The term "music director" or "musical director" became common in the United States in the middle of the 20th century, following an evolution of titles. Early leaders of orchestras were designated as the "conductor." In the 1920s and 1930s, the term musical director began to be used, in order to delineate the fact that the person in this position was doing much more than just conducting, to differentiate them from guest conductors who led one particular program or concert. George Szell, for instance, was appointed as "musical director" of the Cleveland Orchestra in 1946, his position was so named until his death in 1970, his successor, Lorin Maazel, was given the title "music director." Other major American orchestras kept more current with the times and began using the simpler term in the 1950s and 1960s. The term can refer to the person who directs a school band or heads the music program. Alternatively, the term "music director" used to appear in the film credits for a professional hired to supervise and direct the music selected for a film or music documentary, but today the more common designation is music supervisor.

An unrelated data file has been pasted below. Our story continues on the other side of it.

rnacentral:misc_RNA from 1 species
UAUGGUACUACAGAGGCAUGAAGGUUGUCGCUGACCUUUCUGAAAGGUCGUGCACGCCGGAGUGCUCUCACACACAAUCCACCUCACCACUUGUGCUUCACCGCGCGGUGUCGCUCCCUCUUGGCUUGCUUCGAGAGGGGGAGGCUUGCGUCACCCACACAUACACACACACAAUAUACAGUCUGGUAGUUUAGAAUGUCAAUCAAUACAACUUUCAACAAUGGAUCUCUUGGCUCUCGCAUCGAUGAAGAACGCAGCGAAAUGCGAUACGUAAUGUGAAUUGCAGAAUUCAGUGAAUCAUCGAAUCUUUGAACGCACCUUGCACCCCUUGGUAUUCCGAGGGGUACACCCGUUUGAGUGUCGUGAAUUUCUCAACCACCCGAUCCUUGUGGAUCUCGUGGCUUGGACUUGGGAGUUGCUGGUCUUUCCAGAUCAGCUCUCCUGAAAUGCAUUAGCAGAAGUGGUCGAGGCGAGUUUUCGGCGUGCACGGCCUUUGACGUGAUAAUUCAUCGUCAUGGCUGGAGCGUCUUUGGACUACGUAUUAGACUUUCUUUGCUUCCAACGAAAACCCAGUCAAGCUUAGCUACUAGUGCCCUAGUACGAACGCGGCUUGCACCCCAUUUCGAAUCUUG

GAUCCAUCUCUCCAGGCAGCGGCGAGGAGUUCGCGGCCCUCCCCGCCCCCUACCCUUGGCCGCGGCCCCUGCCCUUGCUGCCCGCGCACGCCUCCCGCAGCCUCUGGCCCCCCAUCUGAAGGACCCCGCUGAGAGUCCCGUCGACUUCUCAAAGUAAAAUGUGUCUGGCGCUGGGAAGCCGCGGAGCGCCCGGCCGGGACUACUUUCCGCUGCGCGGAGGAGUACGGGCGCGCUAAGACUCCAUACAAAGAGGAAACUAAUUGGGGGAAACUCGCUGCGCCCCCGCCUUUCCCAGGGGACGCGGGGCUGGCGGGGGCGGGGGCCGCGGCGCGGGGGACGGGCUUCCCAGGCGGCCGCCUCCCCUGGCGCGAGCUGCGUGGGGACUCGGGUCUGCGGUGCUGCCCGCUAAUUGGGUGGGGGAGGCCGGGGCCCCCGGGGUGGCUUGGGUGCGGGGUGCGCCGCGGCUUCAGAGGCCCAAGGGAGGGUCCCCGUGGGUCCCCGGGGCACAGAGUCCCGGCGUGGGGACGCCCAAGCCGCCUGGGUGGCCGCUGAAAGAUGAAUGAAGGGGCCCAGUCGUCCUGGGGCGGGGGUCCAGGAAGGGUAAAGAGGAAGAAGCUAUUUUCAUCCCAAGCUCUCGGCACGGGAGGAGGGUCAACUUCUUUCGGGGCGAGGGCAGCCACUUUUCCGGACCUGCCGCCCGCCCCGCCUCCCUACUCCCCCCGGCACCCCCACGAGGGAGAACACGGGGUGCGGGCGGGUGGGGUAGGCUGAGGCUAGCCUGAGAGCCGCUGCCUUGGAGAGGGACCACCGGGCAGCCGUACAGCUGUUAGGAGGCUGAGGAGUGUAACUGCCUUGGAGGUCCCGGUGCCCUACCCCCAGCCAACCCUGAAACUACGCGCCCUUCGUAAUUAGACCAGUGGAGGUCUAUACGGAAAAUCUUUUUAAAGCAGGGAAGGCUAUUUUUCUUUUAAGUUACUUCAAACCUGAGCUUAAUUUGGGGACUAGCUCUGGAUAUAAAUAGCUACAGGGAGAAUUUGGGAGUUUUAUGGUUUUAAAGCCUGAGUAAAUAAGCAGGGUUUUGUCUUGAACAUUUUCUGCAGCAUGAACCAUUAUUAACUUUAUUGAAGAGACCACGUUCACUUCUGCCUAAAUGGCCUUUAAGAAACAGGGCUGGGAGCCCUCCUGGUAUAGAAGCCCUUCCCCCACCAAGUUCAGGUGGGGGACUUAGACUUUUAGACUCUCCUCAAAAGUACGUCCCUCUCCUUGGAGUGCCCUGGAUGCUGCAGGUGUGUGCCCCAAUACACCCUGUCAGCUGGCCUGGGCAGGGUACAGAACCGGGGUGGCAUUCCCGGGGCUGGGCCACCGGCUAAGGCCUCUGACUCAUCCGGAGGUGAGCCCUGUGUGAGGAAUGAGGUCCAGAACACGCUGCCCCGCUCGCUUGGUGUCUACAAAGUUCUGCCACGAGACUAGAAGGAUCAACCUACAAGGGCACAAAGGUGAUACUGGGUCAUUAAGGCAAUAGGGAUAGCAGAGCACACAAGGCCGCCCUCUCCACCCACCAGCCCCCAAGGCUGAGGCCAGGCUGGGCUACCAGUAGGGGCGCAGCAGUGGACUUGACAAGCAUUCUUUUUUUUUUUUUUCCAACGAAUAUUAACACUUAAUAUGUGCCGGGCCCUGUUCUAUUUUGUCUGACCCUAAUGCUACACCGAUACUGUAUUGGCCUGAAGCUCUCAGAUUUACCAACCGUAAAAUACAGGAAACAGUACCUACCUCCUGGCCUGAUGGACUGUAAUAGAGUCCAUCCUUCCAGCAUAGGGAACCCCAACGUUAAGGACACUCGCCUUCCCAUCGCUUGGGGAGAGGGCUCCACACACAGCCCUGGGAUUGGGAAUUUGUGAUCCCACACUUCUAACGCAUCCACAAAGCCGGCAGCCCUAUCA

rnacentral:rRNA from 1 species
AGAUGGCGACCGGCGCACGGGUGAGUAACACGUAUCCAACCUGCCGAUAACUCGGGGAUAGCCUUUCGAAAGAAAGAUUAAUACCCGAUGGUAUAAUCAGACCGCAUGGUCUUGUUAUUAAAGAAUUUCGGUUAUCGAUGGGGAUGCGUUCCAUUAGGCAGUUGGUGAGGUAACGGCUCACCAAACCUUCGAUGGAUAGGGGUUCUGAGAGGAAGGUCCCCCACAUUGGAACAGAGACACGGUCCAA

In India, where a large number of films are produced as musicals, the term'music director' is used for the composer and music producer of the songs and score used in the film. Their roles entail arranging, mastering and supervising recording of film music with conducting and orchestration. Another artist will receive the credit for the lyrics of the songs. Further information: Music of Bollywood § Production; the "music director" for a theatrical production or Broadway or West End musical serves as rehearsal pianist and conductor. Brass bands, wind bands, opera companies and other ensembles may have musical directors. A music director of a radio station is responsible for interacting with record company representatives, auditioning new music, offering commentary, making decisions as to which songs get airplay, how much and when. In college radio, there may be more than one music director, as students volunteer only a few hours each per week, most stations have a diverse and extensive library of several different music genres.